I compare Grandin and Kaylin to each other to show the differences of each of their conditions. Grandin, whos on the opposite end of the spectrum, has very diverse symptoms when compared to my niece. She is able to function normally by communicating with others verbally, while Kaylin on the other hand, is diaper-ridden for the rest of her life and has mental retardation. Furthermore, in Lisa D. Benarons book Biographies of Disease: Autism, she discusses the controversies of the autistic spectrum disorder (ASD) and gives examples of different kinds of autism and of those examples being Grandin. The four diagnostic labels described is Autistic disorder (autism), high-functioning autism (HFA), Aspergers syndrome (AS), and pervasive developmental disorder-not otherwise specified (PDD-NOS). For someone learning about the autism spectrum for the first time, they would assume that these labels are all completely different disorders.
However, they are not and much more variants of the general autistic spectrum disorder just with different symptoms and long-term effects. Instead of helping to make the autistic spectrum more understandable, the division into separate diagnostic categories has obscured the interconnectedness of these related disorders, creating the appearance of solid border between conditions (Benaron 2009). This excerpt in the authors introduction helps bring forth my idea that the various levels of autism should be classified into different categories. While the author seems to disagree with the division, I think the complete opposite. Although I may not be an expert in the field of autism, I believe the division of the disorders helps give a person an understanding of the severities of each disorder and what makes each one different with its specific symptoms. However, what someone has to understand is that there is interconnectedness between these related disorders.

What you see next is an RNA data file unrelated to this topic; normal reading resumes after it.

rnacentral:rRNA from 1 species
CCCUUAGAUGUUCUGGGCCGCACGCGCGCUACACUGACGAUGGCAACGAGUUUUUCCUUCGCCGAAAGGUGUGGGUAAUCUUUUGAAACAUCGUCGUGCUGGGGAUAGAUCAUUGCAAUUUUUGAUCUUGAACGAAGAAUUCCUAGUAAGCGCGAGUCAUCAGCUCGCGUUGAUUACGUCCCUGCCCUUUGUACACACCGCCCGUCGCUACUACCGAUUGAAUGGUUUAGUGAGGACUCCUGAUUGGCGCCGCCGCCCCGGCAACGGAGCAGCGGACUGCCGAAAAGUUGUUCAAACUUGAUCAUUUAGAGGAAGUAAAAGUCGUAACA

They are all sub-units of the general disorder which is autism, but each has their own unique set of symptoms and long-term effects. For example, at one end of the spectrum, individuals are severely affected by their deficits such as significant cognitive and speech delays, such as autistic disorder and PDD-NOS. At the other end of the spectrum are individuals with similar characteristics to classic autism but display low-average to above-average cognitive abilities and more typical language abilities, at least superficially, such as Aspergers syndrome and high-functioning autism (Palmer 2010). Classifying the unique symptoms of each disorder helps give a better understanding of the various categories of autism itself. This detailed spectrum of the disorders also helps doctors and psychologists give more specific diagnoses when evaluating a patient who possess specific symptoms.
Noterdaeme, Michele, Elke Wriedt, and Christian H¶hne. Aspergers Syndrome and High-Functioning Autism: Language, Motor and Cognitive Profiles. European child & adolescent psychiatry 19.6 (2010): 475-81. ABI/INFORM Complete; Banking Information Source; Hoovers Company Profiles; ProQuest Central. Web. 27 Nov. 2012.
Palmer, Jackie. Asperger Syndrome and High-Functioning Autism And the General Education Classroom: Best Known Teaching Strategies. Diss. The Evergreen State College, 2010.
Benaron, Lisa D. Autism. Westport, CT: Greenwood Publishing Group, Inc., 2009. Print.
Schreibman, Laura. The Science and Fiction of Autism. Cambridge, MA: Harvard University Press, 2005. Print